FDA’s Strategic Shift From Reaction to Prevention in Full Swing with the Release of Two Proposed Rules Under the Food Safety Modernization Act

Release of Two Proposed Rules Under the Food Safety Modernization Act

February 25, 2013

After much ado, including a lawsuit aimed at forcing release of the proposed rules, on Jan. 4, 2013, exactly two years after President Obama signed the Food Safety Modernization Act (FSMA), the FDA released its proposed rules relating to new requirements for preventative control programs and safety standards for the production of fruits and vegetables. As with much of the FSMA, these recently released proposed rules, required by the FSMA, focus on the means of preventing production and distribution of adulterated and mislabeled food products rather than detection of contaminated food products in commerce and corrective actions. Acknowledging this shift in focus, Michael Taylor, FDA deputy commissioner for foods and veterinary medicine, states, “We’re taking a big step for food safety by proposing the standards that will help us prevent food safety problems rather than just reacting to them.”

Implementation of the FSMA provisions has proven an equally, if not more difficult, task for the FDA as it has for the regulated industry. The standards for implementing a preventative control program released Jan. 4, 2013, by the FDA were due July of 2012. Similarly, the standards for safe production and harvesting of fruits and vegetables, also released by the FDA on Jan. 4, 2013, were due a year earlier, in January of 2012. Industry awaits the FDA’s proposed rules on importers’ foreign supplier verification and accreditation of third-party auditors for imported food.

Industry has 120 days from release, or until May 4, 2013, to comment on the proposed rules. The FDA is bracing for what promises to be an onslaught of industry comment, anticipating the FDA will require at least a year to comb through industry comments prior to issuing the final rules. Covered companies may have two years or more to comply with the proposed rules.

Preventive Controls and FDA’s Proposed Rule

The proposed rule on preventive controls applies to domestic and foreign companies that manufacture, process, package or hold food products regulated by the FDA and requires them to identify potential hazards, implement preventive controls to minimize each of the hazards, monitor the performance of the controls and maintain records substantiating the monitoring and compliance with each control. Although such risk-based preventive controls have been required in USDA-regulated facilities since 1996, the FSMA imposes this requirement for the first time in most FDA-regulated facilities.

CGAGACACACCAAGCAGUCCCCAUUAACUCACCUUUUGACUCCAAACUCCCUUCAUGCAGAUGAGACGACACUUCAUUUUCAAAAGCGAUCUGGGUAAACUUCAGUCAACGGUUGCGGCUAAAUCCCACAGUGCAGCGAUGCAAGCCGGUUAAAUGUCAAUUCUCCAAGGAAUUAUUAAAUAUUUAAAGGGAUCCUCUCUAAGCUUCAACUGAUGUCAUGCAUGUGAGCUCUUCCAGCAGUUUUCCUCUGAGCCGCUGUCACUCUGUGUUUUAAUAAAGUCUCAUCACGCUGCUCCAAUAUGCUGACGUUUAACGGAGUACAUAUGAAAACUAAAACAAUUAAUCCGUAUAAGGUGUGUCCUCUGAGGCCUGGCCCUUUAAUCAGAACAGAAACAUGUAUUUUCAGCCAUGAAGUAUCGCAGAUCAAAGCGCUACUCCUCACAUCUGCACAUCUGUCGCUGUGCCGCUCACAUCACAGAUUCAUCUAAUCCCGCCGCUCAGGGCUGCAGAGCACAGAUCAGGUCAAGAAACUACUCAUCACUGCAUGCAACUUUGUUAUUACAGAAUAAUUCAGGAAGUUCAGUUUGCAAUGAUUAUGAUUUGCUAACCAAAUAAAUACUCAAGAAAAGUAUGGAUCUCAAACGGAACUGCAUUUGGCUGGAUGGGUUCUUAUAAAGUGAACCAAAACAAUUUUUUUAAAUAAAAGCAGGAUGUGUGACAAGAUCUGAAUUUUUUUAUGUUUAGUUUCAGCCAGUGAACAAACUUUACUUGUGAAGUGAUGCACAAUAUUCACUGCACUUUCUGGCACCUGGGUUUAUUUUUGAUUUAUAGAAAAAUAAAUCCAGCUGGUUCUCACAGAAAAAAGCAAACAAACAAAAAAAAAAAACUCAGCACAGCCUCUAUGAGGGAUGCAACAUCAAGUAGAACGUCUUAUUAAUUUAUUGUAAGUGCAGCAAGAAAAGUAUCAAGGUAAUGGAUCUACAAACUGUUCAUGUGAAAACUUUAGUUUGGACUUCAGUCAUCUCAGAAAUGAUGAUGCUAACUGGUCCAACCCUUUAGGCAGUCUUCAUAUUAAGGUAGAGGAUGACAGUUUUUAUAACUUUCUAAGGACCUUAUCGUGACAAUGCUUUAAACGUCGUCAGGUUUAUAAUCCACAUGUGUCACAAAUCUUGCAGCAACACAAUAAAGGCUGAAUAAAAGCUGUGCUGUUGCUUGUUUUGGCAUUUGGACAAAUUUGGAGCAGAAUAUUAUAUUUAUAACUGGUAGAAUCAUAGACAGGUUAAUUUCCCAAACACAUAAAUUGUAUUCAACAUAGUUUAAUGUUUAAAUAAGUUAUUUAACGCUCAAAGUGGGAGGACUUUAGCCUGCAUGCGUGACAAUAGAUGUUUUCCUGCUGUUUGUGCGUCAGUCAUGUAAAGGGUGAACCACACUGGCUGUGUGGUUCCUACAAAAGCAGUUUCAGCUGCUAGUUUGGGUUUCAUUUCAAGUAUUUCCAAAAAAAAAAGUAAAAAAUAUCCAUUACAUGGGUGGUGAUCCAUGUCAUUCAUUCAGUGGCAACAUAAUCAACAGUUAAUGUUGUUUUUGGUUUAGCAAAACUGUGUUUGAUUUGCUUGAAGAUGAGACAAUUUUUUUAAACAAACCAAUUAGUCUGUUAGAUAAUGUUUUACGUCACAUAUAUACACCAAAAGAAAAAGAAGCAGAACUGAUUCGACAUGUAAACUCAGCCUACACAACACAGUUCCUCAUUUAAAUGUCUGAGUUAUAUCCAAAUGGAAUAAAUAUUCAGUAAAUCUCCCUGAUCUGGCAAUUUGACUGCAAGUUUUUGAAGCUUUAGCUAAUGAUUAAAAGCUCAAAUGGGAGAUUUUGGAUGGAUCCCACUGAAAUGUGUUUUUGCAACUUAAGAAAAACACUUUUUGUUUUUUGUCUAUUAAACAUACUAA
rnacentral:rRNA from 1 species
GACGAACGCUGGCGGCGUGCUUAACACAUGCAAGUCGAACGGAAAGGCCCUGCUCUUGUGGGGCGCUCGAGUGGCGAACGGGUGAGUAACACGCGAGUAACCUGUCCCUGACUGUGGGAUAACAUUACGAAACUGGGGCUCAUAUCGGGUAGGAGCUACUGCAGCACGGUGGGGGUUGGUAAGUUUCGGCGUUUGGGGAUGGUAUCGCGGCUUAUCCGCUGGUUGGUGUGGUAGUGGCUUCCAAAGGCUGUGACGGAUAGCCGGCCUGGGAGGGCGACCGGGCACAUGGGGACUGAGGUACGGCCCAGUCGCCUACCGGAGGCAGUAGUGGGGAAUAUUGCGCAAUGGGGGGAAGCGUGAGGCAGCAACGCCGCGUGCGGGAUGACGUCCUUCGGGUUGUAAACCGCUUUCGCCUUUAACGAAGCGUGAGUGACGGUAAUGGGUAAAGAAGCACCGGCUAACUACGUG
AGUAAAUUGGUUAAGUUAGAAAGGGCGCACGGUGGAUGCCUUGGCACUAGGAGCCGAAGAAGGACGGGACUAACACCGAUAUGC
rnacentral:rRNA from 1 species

The requirement of risk-based preventive controls is not merely limited to enactment of a Hazard Analysis and Critical Control Points (HACCP) program, but rather will likely necessitate a combination of a HACCP program with Current Good Manufacturing Practices, Sanitation Standard Operating Procedures, hygiene training, supplier verification, recall plans, and allergen controls and labeling. This is simply not a one-policy-fits-all requirement. A company’s preventive controls program plan should be composed of multiple policies and procedures that are specifically tailored to address the unique risks associated with a specific food product and the associated processes that may vary by plant, or even by line.

Interestingly, the FDA’s proposed rule does not specifically require finished product testing for pathogens or environmental monitoring as components of a preventative controls program, likely due to outcries of concern from industry. However, the proposed rule leaves the door open to the possibility such requirements may find their way into the final rule. The FDA solicits comment from industry “on when and how other elements of a preventative controls system are an appropriate means of implementing the statutory directives,” including a finished product testing program and an environmental monitoring program. Industry is asked to respond to a series of questions about both these programs — for example, whether product testing for pathogens should be limited to finished product or extend to raw material testing. Issues such as frequency of testing are also in play. Presumably in an effort to ward off industry comments focused on the cost of implementing such programs, the FDA sets forth cost estimates for implementing these programs, estimating it will cost a single facility between $14,000 and $813,000 a year to implement a finished product testing program.